Current therapeutic research, clinical and experimental, 69(4):356-362, 2008
Current therapeutic research, clinical and experimental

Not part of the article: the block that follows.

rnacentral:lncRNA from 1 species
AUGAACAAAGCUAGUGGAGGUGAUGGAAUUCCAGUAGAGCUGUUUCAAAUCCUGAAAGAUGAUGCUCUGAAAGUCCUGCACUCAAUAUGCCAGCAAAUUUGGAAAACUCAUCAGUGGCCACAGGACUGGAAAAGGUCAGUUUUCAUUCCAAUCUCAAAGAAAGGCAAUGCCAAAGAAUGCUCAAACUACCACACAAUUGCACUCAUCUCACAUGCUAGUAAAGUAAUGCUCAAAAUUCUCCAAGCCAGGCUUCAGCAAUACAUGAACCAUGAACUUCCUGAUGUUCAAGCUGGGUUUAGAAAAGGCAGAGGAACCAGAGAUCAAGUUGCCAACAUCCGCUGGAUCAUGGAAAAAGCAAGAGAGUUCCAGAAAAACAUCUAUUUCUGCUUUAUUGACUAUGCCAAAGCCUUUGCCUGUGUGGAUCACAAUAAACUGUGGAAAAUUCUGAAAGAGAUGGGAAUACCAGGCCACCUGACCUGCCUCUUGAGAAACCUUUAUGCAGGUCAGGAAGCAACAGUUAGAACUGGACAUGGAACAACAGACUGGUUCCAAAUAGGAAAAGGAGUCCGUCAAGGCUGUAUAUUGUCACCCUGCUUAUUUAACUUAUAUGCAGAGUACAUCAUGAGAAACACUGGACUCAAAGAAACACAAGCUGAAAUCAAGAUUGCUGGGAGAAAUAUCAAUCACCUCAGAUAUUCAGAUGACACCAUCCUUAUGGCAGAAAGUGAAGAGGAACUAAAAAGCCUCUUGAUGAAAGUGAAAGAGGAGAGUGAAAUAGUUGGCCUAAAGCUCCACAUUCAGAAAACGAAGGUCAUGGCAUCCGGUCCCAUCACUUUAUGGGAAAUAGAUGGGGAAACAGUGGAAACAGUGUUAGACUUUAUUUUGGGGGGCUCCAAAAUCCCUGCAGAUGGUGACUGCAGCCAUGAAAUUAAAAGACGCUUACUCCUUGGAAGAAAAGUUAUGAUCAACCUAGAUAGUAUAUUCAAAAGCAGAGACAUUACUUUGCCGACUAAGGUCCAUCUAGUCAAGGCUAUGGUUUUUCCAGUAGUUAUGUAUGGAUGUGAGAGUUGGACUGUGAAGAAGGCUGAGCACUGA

Introduction: Bisphosphonates are effective for treating osteoporosis, Paget's disease of bone, and malignancy-associated bone diseases. Bisphosphonate-associated osteonecrosis of the jaw (ONJ) is a rare but serious adverse effect of bisphosphonate therapy. Due to inhibitory actions on bone turnover, bisphosphonate therapy may result in the accumulation of microdamage. Case summary: A 74-year-old Korean woman (height, 150 cm; weight, 51 kg) was referred to the Department of Endocrinology and Metabolism, Ajou University School of Medicine, Suwon, South Korea, for evaluation of pain and persistent abnormal exposure of jaw bone after extraction of teeth. She had been receiving weekly oral alendronate treatment for osteoporosis for ~5 years. The patient had the clinical features of bisphosphonate-associated osteonecrosis of the mandible, which was precipitated by teeth extraction ~14 months prior to the outpatient referral visit. At her clinical baseline visit, serum hormone concentrations and bone turnover markers were as follows: thyroid-stimulating hormone, 0.88 μIU/mL (reference range, 0.25-5.00 μIU/mL); 25-hydroxyvitamin D3, 20.9 (9.0-37.6) ng/mL; parathyroid hormone (PTH), 57 (11-62) pg/mL; serum osteocalcin, 8.7 (12.9-55.9) ng/mL; and urine N-telopeptide 21 (26-124) nM/mM creatinine. She had multiple systemic risk factors for ONJ, including older age, type 2 diabetes mellitus, and long duration of bisphosphonate therapy. There was no mandibular lesion improvement despite repeated surgical procedures performed within a 14-month period. Bisphosphonate therapy was discontinued and PTH therapy was started. After 2 months, exposed oral mucosa had healed. After 4 months of treatment, the pain had completely subsided, and after 6 months the patient's eating and drinking habits returned. The serum concentration of osteocalcin, a bone formation marker, which was initially suppressed (8.7 ng/mL), increased 174% (15.1 ng/mL) from baseline after 6 months of treatment with PTH. Conclusions: Here we report a probable case of oral bisphosphonate-associated ONJ featuring suppressed bone turnover. Treatment with the bone formation-stimulating agent PTH was beneficial.
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